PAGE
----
Organs, throughout the ages, have been adjusted in Volume by a pedal called the “Swell Pedal” — organists would no more play an organ without a swell pedal (Expression pedal in modern terms) than a pianist would play an acoustic piano without a Sustain pedal. It simply is not done. A Yamaha FC7 sweep pedal can be enlisted to play the role of the organ Swell Pedal when set to CC11 Expression.

Of course, in the age of synthesizer all rules are subject to being broken. If you want to make your organ sounds velocity sensitive you can do so…( first send apologies to Pythagorus, then work with the parameter that applies Level/Velocity)

You do so on a per ELEMENT EDIT basis. The Lvl/Vel parameter for Amplitude will be found among the AEG parameters.

On organ sounds you will see “Lvl/Vel” = +0 which means no increase in level when velocity is increased.
When “Lvl/Vel” = a positive value 1-32 you are turning down the Level of the instrument response, meaning you will need to play harder to get louder. At +32 the normal KeyOn Level is so low you must strike the Key hard to get loud. Called “Velocity Sensitive”. You set the positive (+) value that gives you the range of response soft-to-loud that you prefer.

If you increase “Level/Velocity” beyond +33, you now will hear no output at all when the key is struck very lightly. If you set the “Lvl/Vel” = +63, this is so extreme only keys struck with the strongest of velocities will register a result, at all

2. Other effects related to how hard you hit the keys. The most common one I can think of is the 'Growl" you get on a Saxophone on some voices if you hit the key hard. Appears you can turn on certain effects, if you hit the key harder. I have one on a flute sound I want to turn off but I cannot find it. I have to be very careful how I hit the keys or I get this sound effect I do not want.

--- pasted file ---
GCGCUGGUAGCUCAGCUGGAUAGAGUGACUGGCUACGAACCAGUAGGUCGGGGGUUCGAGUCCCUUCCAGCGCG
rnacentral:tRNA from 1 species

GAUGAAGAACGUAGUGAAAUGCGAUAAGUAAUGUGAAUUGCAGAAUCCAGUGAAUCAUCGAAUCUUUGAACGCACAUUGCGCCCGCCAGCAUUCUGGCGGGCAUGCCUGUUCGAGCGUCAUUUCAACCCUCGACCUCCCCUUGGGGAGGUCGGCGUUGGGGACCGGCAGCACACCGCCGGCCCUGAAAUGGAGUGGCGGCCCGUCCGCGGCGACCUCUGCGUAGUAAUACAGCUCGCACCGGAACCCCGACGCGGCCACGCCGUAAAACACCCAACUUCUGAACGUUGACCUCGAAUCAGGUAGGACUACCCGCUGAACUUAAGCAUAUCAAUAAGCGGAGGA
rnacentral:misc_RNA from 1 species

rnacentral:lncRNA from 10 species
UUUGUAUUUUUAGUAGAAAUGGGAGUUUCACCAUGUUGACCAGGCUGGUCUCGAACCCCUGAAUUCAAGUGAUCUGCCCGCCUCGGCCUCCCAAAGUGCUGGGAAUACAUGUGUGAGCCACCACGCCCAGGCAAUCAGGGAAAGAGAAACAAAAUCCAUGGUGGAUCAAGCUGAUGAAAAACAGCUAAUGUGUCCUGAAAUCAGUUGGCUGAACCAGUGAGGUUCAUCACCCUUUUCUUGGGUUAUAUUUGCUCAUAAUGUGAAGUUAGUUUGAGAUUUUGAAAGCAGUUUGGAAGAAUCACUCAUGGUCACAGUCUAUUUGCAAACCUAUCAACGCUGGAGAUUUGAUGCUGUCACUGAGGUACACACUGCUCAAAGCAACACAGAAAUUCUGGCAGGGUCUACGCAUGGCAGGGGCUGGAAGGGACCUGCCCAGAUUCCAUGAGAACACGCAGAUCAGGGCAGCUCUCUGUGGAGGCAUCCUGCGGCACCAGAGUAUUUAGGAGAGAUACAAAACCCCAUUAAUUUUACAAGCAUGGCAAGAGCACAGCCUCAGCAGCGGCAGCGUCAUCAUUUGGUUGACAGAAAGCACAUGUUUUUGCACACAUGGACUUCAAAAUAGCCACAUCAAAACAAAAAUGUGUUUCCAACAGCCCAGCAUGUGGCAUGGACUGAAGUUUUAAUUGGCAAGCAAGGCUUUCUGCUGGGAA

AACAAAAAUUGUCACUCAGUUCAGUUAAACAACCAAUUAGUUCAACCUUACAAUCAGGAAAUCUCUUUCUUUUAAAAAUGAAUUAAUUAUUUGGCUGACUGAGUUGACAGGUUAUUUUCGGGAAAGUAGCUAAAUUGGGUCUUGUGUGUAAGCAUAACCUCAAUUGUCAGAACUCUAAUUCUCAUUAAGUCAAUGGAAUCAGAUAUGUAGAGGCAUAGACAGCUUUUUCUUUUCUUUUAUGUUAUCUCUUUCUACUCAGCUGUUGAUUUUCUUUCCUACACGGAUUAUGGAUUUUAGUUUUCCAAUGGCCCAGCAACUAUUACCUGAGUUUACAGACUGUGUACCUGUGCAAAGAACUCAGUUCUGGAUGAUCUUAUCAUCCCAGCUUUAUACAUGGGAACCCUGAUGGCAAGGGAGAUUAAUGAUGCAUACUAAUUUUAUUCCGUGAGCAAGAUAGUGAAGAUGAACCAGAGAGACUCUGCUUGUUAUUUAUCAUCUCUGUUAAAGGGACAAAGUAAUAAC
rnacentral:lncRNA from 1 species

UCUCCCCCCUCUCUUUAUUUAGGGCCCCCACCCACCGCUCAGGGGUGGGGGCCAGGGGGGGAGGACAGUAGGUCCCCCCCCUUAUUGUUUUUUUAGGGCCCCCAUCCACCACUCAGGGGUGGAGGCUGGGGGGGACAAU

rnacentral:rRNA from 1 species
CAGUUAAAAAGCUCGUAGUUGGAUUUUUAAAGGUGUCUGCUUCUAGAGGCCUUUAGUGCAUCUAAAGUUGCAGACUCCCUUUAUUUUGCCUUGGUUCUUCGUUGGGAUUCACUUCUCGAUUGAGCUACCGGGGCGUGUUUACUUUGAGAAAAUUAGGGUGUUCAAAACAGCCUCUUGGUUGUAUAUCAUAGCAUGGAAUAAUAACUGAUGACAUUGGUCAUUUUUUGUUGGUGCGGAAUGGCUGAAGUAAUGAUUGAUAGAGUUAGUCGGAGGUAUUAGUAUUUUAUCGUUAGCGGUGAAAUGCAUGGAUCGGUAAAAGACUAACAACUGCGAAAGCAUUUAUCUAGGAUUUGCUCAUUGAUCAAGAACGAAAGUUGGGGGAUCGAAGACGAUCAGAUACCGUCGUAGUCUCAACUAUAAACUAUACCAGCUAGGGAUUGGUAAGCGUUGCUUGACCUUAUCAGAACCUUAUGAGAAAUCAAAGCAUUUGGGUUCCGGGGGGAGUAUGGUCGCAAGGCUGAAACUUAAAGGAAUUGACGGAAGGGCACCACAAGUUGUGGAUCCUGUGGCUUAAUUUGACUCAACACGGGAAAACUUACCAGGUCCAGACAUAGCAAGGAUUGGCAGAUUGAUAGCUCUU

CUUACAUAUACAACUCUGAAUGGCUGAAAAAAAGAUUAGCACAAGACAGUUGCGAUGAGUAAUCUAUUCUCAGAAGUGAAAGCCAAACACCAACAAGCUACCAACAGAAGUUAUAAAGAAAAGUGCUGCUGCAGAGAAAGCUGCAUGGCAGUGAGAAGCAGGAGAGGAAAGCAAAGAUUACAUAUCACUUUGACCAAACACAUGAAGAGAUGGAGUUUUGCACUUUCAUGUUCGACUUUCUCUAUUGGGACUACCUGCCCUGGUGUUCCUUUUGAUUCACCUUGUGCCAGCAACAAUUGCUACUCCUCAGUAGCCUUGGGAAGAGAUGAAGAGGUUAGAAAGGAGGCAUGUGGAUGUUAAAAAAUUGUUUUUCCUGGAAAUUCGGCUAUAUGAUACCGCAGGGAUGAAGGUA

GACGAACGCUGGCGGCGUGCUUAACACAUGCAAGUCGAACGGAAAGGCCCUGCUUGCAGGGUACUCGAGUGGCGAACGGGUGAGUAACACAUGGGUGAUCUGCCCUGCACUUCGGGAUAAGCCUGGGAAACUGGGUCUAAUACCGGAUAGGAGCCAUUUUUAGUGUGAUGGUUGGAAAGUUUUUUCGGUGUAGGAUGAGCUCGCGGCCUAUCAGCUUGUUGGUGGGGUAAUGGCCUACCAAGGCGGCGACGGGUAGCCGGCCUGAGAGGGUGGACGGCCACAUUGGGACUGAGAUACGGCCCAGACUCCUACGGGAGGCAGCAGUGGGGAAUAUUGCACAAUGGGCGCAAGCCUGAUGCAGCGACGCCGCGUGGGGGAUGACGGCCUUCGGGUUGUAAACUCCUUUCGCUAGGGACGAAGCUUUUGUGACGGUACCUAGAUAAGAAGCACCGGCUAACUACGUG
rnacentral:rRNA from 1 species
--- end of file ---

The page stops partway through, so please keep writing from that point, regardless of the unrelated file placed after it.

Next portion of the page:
Velocity can be used for many different things. Velo Growl (Velocity Growl) - one of the 8 Oscillators (Elements) that can be used to make a sound can be set to trigger at a specific Velocity range. If the Velocity Limits for the “Growl” Element is set to 126-127, you must hit the key very hard to get the growl.

Many different things can be Velocity Limited… including things like Arpeggios. You can have an instrument like a flute execute a trill (flutter tongue) Arpeggio phrase when you strike a key above a specific velocity value.

Tell us which Voice and we can tell you how it’s done and how to fix it to how you like.


Extra Credit: from a previous article on the subject…of customizing Velocity on an acoustic Piano sound….
Keyboard Velocity Curve” is an overall setting. However, each Voice can be tailored to your touch response on a per Voice basis, as well. And that is what we will take a look at now.

Filter and Amplitude Touch Response…
The three basic areas of control on both analog and sample based synthesis are Pitch, Filter, and Amplitude. There is very little significant movement in Pitch during the playing of a piano note – what little there is, is already recorded in the attack portion of the waveform. Therefore, we will be concentrating our discussion on the Filter and Amplitude portions.